The Innovation Imperative

The Innovation Imperative

National Innovation Strategies in the Global Economy

Edited by Göran Marklund, Nicholas S. Vonortas and Charles W. Wessner

As a result of globalization, strategies for investments in innovation capabilities have gained considerably in importance for businesses, research institutions and policymakers. Public policy has to provide conditions for investments in R & D and innovation that are internationally attractive and effective in stimulating innovation, economic growth and job-creation. This book focuses on the changing roles and challenges of innovation and growth policy, and the strategies and measures that are critical in a globalizing world. It provides guidance for innovation policy strategy formulations and design of innovation policy measures.

Chapter 7: The Role of Innovation Award Programmes in the US and Sweden

Charles W. Wessner

Subjects: economics and finance, economics of innovation, innovation and technology, economics of innovation, innovation policy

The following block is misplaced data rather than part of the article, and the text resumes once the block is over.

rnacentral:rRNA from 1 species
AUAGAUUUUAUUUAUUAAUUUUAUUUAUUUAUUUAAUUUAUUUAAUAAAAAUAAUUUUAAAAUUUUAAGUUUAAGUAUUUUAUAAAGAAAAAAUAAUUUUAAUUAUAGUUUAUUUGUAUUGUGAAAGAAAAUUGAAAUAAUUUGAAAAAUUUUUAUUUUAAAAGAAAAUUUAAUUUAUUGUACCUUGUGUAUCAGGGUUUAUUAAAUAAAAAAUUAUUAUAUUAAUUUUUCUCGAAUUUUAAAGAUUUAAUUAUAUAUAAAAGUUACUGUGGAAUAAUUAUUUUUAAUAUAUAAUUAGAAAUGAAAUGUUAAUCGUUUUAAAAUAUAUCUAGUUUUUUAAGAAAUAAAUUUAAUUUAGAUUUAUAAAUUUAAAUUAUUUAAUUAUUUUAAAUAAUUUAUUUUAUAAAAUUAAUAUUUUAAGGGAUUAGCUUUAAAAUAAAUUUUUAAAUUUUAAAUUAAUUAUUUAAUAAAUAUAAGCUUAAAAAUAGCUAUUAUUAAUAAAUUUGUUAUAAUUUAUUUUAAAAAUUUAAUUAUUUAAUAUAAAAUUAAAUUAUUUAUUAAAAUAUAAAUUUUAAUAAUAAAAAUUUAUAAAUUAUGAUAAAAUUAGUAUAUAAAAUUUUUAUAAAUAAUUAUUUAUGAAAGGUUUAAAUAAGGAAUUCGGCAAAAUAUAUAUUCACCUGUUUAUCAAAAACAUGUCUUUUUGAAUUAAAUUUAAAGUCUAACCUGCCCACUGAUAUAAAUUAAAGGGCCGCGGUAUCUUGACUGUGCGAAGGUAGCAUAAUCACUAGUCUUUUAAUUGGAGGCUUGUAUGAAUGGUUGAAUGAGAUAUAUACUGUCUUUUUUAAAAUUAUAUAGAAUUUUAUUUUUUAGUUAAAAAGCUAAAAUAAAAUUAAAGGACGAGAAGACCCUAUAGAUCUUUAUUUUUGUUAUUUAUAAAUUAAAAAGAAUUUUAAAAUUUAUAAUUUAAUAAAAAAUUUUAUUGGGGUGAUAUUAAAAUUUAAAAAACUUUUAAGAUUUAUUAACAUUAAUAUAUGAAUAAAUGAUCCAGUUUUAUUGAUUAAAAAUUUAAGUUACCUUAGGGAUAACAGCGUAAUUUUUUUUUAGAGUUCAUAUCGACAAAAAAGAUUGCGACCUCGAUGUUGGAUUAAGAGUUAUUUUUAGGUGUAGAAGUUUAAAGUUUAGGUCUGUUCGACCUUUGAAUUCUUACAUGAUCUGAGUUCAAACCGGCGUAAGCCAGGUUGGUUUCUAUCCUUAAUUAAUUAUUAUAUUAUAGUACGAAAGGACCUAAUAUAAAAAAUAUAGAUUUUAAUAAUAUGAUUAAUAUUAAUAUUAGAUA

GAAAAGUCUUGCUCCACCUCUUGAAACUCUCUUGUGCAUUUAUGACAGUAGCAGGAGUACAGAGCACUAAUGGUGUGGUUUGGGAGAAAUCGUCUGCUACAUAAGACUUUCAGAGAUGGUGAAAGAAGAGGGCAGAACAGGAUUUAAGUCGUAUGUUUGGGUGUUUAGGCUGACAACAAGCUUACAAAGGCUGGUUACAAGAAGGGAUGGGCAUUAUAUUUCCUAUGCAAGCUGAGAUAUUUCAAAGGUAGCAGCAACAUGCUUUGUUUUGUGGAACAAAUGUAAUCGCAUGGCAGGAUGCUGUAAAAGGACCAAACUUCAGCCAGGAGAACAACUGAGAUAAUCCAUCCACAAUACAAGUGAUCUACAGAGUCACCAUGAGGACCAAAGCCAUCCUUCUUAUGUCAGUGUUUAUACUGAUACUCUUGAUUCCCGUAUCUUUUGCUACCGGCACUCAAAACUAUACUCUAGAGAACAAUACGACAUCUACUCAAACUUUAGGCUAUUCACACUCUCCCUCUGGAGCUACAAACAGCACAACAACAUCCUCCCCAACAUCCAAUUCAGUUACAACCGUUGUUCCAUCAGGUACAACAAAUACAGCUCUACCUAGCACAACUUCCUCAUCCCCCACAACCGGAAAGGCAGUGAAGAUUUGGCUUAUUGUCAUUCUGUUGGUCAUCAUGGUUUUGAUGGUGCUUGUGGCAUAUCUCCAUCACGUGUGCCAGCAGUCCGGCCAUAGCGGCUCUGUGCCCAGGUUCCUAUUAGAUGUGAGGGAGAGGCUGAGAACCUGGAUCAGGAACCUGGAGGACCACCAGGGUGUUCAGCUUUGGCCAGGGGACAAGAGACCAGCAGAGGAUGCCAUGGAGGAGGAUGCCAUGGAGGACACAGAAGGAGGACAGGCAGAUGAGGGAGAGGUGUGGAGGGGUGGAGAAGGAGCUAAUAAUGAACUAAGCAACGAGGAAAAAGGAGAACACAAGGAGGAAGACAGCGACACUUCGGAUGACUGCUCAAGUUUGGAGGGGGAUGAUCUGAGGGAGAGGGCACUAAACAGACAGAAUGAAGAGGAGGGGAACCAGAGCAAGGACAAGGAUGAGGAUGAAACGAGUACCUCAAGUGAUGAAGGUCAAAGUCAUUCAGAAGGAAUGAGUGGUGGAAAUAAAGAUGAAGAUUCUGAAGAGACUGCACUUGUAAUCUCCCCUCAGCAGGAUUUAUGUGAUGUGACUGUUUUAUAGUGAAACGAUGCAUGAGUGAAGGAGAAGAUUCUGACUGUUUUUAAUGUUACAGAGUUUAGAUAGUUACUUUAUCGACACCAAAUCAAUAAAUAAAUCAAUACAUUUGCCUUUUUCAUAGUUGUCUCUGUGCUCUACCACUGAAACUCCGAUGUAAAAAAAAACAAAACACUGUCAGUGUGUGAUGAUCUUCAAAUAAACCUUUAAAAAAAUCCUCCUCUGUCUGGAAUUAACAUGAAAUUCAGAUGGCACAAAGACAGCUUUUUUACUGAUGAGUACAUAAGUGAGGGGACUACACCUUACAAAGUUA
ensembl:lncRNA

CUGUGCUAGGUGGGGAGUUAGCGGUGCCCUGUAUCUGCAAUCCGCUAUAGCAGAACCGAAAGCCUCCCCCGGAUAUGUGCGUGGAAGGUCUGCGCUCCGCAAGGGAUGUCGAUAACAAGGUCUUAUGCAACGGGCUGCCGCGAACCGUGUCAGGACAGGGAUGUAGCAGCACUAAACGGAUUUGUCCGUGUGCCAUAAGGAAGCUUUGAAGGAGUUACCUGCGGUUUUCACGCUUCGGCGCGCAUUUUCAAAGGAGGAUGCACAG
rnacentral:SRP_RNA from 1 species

Charles W. Wessner 7.1 INTRODUCTION Policy makers in both the US and Sweden recognize that innovation remains the key to international competitiveness in the twenty-first century. Moreover, policy makers in both countries increasingly recognize that equity-financed small firms are an effective means of capitalizing on new ideas and bringing them to the market. Small firms, however, face a variety of obstacles as they seek to bring new products and processes to market. In this context public policies that reduce the structural and financial hurdles facing such innovative small firms can play a useful role in enhancing a nation’s innovative capacity. In the US innovation awards, such as the Small Business Innovation Research (SBIR) programme and the Advanced Technology Program (ATP)1 have proven effective in helping small innovative firms overcome these hurdles while also enhancing networking among US universities, large firms and small innovative companies. Innovation award programmes, such as SBIR and ATP, could also help Sweden realize higher returns to its substantial investments in research and development (R&D). 7.2 THE NEW INNOVATION IMPERATIVE This imperative to innovate more rapidly comes as new entrants from China and India expand their presence in the global economy. While this expansion provides opportunities for businesses around the world to lower costs, develop new ideas and business processes, and develop new markets, it also poses new challenges to countries, such as Sweden and the US, to maintain their competitiveness and preserve their standards of living by accelerating their innovative...

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